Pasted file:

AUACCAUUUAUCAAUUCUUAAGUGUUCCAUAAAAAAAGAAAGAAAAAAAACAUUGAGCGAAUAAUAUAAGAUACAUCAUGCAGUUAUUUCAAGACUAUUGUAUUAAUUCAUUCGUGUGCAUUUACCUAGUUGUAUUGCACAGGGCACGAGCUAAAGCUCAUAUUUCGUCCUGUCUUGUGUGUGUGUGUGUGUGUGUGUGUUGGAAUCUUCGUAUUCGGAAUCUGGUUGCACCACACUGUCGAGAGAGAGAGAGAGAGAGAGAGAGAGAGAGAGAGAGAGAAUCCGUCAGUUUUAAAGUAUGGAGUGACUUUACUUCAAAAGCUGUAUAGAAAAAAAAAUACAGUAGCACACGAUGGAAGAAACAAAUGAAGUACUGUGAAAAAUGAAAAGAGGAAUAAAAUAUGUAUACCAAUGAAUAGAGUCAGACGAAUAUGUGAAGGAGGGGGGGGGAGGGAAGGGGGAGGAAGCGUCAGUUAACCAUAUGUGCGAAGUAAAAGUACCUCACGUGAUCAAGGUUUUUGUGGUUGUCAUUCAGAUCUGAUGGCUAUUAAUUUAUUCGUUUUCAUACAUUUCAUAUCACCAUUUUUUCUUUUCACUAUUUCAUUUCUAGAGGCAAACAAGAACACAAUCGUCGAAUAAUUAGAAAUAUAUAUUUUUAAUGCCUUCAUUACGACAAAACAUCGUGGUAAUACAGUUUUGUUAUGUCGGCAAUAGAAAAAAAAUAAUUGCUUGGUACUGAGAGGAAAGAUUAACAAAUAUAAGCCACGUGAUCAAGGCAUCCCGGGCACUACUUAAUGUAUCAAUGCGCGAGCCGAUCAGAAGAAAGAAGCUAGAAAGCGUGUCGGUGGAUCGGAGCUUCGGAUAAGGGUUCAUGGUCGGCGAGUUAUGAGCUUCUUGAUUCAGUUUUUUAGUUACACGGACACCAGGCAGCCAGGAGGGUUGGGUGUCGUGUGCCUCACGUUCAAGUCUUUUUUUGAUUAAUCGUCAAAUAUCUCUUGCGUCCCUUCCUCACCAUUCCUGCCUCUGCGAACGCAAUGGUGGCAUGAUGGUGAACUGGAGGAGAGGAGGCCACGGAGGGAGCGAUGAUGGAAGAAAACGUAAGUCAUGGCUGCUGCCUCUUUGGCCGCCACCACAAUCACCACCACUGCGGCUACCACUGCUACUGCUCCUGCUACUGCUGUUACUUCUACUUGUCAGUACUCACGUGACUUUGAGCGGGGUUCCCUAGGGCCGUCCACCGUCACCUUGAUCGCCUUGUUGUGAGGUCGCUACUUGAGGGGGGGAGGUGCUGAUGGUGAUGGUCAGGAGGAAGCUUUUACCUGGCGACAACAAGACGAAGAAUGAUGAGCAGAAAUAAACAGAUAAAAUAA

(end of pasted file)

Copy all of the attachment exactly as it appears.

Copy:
AUACCAUUUAUCAAUUCUUAAGUGUUCCAUAAAAAAAGAAAGAAAAAAAACAUUGAGCGAAUAAUAUAAGAUACAUCAUGCAGUUAUUUCAAGACUAUUGUAUUAAUUCAUUCGUGUGCAUUUACCUAGUUGUAUUGCACAGGGCACGAGCUAAAGCUCAUAUUUCGUCCUGUCUUGUGUGUGUGUGUGUGUGUGUGUGUUGGAAUCUUCGUAUUCGGAAUCUGGUUGCACCACACUGUCGAGAGAGAGAGAGAGAGAGAGAGAGAGAGAGAGAGAGAGAAUCCGUCAGUUUUAAAGUAUGGAGUGACUUUACUUCAAAAGCUGUAUAGAAAAAAAAAUACAGUAGCACACGAUGGAAGAAACAAAUGAAGUACUGUGAAAAAUGAAAAGAGGAAUAAAAUAUGUAUACCAAUGAAUAGAGUCAGACGAAUAUGUGAAGGAGGGGGGGGGAGGGAAGGGGGAGGAAGCGUCAGUUAACCAUAUGUGCGAAGUAAAAGUACCUCACGUGAUCAAGGUUUUUGUGGUUGUCAUUCAGAUCUGAUGGCUAUUAAUUUAUUCGUUUUCAUACAUUUCAUAUCACCAUUUUUUCUUUUCACUAUUUCAUUUCUAGAGGCAAACAAGAACACAAUCGUCGAAUAAUUAGAAAUAUAUAUUUUUAAUGCCUUCAUUACGACAAAACAUCGUGGUAAUACAGUUUUGUUAUGUCGGCAAUAGAAAAAAAAUAAUUGCUUGGUACUGAGAGGAAAGAUUAACAAAUAUAAGCCACGUGAUCAAGGCAUCCCGGGCACUACUUAAUGUAUCAAUGCGCGAGCCGAUCAGAAGAAAGAAGCUAGAAAGCGUGUCGGUGGAUCGGAGCUUCGGAUAAGGGUUCAUGGUCGGCGAGUUAUGAGCUUCUUGAUUCAGUUUUUUAGUUACACGGACACCAGGCAGCCAGGAGGGUUGGGUGUCGUGUGCCUCACGUUCAAGUCUUUUUUUGAUUAAUCGUCAAAUAUCUCUUGCGUCCCUUCCUCACCAUUCCUGCCUCUGCGAACGCAAUGGUGGCAUGAUGGUGAACUGGAGGAGAGGAGGCCACGGAGGGAGCGAUGAUGGAAGAAAACGUAAGUCAUGGCUGCUGCCUCUUUGGCCGCCACCACAAUCACCACCACUGCGGCUACCACUGCUACUGCUCCUGCUACUGCUGUUACUUCUACUUGUCAGUACUCACGUGACUUUGAGCGGGGUUCCCUAGGGCCGUCCACCGUCACCUUGAUCGCCUUGUUGUGAGGUCGCUACUUGAGGGGGGGAGGUGCUGAUGGUGAUGGUCAGGAGGAAGCUUUUACCUGGCGACAACAAGACGAAGAAUGAUGAGCAGAAAUAAACAGAUAAAAUAA